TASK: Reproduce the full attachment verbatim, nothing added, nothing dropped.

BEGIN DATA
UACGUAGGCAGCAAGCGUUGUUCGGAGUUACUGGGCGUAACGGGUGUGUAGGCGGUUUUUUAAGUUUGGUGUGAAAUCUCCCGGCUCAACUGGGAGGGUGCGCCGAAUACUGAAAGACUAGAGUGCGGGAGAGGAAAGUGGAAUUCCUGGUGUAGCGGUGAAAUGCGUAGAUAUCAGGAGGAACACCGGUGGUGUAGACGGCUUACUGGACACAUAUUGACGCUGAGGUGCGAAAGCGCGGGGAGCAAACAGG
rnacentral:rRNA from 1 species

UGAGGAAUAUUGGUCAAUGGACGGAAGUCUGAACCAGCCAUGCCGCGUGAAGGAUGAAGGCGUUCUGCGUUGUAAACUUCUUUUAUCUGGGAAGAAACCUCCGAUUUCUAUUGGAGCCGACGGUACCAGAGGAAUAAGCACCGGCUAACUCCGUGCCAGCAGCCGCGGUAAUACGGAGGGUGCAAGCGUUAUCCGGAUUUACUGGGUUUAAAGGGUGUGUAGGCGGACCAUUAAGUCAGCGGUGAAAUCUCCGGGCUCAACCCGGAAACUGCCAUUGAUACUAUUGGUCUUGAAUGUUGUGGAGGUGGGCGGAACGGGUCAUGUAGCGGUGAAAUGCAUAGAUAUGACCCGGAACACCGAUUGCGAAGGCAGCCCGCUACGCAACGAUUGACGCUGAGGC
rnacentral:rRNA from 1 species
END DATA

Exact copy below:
UACGUAGGCAGCAAGCGUUGUUCGGAGUUACUGGGCGUAACGGGUGUGUAGGCGGUUUUUUAAGUUUGGUGUGAAAUCUCCCGGCUCAACUGGGAGGGUGCGCCGAAUACUGAAAGACUAGAGUGCGGGAGAGGAAAGUGGAAUUCCUGGUGUAGCGGUGAAAUGCGUAGAUAUCAGGAGGAACACCGGUGGUGUAGACGGCUUACUGGACACAUAUUGACGCUGAGGUGCGAAAGCGCGGGGAGCAAACAGG
rnacentral:rRNA from 1 species

UGAGGAAUAUUGGUCAAUGGACGGAAGUCUGAACCAGCCAUGCCGCGUGAAGGAUGAAGGCGUUCUGCGUUGUAAACUUCUUUUAUCUGGGAAGAAACCUCCGAUUUCUAUUGGAGCCGACGGUACCAGAGGAAUAAGCACCGGCUAACUCCGUGCCAGCAGCCGCGGUAAUACGGAGGGUGCAAGCGUUAUCCGGAUUUACUGGGUUUAAAGGGUGUGUAGGCGGACCAUUAAGUCAGCGGUGAAAUCUCCGGGCUCAACCCGGAAACUGCCAUUGAUACUAUUGGUCUUGAAUGUUGUGGAGGUGGGCGGAACGGGUCAUGUAGCGGUGAAAUGCAUAGAUAUGACCCGGAACACCGAUUGCGAAGGCAGCCCGCUACGCAACGAUUGACGCUGAGGC
rnacentral:rRNA from 1 species